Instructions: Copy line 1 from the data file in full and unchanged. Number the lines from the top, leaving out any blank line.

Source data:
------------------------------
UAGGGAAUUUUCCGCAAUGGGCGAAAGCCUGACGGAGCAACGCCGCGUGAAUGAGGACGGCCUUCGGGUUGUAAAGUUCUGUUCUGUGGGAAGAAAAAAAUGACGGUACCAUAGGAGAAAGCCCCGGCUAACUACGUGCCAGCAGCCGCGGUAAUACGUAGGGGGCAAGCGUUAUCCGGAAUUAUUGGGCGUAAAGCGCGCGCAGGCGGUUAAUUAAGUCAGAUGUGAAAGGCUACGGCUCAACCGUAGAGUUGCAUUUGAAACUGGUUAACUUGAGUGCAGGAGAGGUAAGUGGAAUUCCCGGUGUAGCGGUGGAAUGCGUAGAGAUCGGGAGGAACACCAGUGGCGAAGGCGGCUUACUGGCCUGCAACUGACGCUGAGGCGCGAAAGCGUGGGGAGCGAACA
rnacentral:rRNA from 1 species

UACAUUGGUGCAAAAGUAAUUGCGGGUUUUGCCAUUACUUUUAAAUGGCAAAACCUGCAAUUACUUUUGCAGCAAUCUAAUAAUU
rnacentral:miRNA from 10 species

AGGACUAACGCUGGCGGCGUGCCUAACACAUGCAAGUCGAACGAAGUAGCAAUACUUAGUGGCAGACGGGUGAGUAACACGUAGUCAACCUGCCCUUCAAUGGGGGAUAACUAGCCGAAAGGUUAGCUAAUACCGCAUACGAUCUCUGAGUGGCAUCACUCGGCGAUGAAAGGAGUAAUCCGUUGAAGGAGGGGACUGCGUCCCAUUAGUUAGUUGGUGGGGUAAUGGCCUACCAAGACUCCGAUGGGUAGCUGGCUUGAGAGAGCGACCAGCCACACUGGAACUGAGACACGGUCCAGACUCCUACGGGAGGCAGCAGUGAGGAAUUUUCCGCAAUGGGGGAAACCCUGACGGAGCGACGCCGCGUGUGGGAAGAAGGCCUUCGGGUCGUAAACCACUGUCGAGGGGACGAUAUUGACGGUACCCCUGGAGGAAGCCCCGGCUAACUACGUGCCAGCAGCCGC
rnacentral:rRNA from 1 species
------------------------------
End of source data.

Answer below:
UAGGGAAUUUUCCGCAAUGGGCGAAAGCCUGACGGAGCAACGCCGCGUGAAUGAGGACGGCCUUCGGGUUGUAAAGUUCUGUUCUGUGGGAAGAAAAAAAUGACGGUACCAUAGGAGAAAGCCCCGGCUAACUACGUGCCAGCAGCCGCGGUAAUACGUAGGGGGCAAGCGUUAUCCGGAAUUAUUGGGCGUAAAGCGCGCGCAGGCGGUUAAUUAAGUCAGAUGUGAAAGGCUACGGCUCAACCGUAGAGUUGCAUUUGAAACUGGUUAACUUGAGUGCAGGAGAGGUAAGUGGAAUUCCCGGUGUAGCGGUGGAAUGCGUAGAGAUCGGGAGGAACACCAGUGGCGAAGGCGGCUUACUGGCCUGCAACUGACGCUGAGGCGCGAAAGCGUGGGGAGCGAACA